To defend against a claim of discrimination, an employer can argue that it fired an employee because it honestly believed that the employee did “X.” And, as long as “X” isn’t discriminatory, the employer prevails. This is the honest belief doctrine.
So, can an employee flip the “honest belief doctrine” on its head to show that an employer’s purported legitimate business reason for disciplining an employee was actually pretext for discrimination?
Find out after the jump…
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An applicant for a security-officer position at a hospital was asked on a job application whether he had ever been diagnosed with or treated for alcoholism or drug addiction? He answered no to both and got the job.
Except, you see, he had a history of drug and alcohol use and had treated for both. And, when the hospital found out, it fired him.
http://www.youtube.com/watch?v=vn_PSJsl0LQStill, the security officer honestly believed that he had never received addiction treatment because “no change occurred in his substance abuse behavior” and his time in treatment was simply to have been “fulfil[lment] of a requirement of the state and that’s it.”
So, he sued the hospital for disability discrimination.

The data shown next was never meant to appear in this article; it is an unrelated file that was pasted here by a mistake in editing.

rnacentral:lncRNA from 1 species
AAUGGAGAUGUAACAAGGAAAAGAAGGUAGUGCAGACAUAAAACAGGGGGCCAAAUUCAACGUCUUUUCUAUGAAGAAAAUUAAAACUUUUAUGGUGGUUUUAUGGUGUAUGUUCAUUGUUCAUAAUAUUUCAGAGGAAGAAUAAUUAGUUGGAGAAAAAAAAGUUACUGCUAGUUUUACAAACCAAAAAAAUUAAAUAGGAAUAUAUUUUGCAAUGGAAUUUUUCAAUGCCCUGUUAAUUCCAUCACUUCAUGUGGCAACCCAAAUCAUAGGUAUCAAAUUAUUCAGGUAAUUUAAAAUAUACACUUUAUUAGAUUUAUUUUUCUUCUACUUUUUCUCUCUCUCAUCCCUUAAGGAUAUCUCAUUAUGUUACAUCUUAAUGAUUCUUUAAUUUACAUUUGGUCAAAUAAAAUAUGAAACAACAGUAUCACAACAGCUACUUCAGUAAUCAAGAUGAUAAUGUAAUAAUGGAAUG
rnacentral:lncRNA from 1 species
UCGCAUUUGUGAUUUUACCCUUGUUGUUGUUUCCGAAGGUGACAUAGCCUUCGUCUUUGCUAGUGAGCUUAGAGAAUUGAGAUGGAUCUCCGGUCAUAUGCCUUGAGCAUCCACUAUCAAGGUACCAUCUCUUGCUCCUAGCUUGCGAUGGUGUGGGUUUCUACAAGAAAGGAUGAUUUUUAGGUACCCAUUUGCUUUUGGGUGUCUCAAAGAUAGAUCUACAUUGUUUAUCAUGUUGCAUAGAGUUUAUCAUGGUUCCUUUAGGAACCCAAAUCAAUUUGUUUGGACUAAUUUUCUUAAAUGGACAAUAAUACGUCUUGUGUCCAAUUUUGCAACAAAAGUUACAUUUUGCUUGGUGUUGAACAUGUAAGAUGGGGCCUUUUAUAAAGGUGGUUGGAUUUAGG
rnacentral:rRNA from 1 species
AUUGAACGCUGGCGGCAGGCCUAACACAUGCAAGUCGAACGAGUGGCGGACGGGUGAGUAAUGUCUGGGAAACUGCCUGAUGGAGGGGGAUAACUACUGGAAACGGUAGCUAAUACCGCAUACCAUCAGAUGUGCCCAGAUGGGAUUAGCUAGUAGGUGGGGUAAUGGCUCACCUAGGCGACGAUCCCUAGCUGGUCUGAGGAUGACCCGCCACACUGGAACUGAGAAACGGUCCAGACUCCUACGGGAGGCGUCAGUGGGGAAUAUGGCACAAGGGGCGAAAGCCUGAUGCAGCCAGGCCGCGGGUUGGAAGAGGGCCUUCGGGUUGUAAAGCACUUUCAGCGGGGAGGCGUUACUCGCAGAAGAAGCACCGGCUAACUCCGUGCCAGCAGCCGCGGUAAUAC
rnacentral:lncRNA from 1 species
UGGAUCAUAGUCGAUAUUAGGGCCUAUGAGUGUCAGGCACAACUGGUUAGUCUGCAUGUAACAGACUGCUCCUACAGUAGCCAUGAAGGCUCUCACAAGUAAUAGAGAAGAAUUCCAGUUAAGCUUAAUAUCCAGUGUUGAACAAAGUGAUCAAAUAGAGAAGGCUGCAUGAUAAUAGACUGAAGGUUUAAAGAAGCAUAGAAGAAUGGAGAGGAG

Dude, really? (My words, not the U.S. Court of Appeals for the Third Circuit). These are the words of the Third Circuit in Reilly v. Lehigh Valley Hospital:
Reilly’s belief that he answered the pertinent inquiries truthfully is not the determinative factor. The question is whether the decision maker at LVH could regard Reilly’s responses as dishonest. The answer to that question is resoundingly, “yes.” … Reilly’s bare assertion that he completed the Employment Form truthfully because he believed the purpose of the treatment at Livengrin was to resolve his DUI charge, not treat his addictions, is insufficient “to permit a factfinder either to disbelieve [LVH’s] articulated reasons, or to conclude that discrimination on account of disability was the real reason” for Reilly’s termination.
It’s such a lonely word…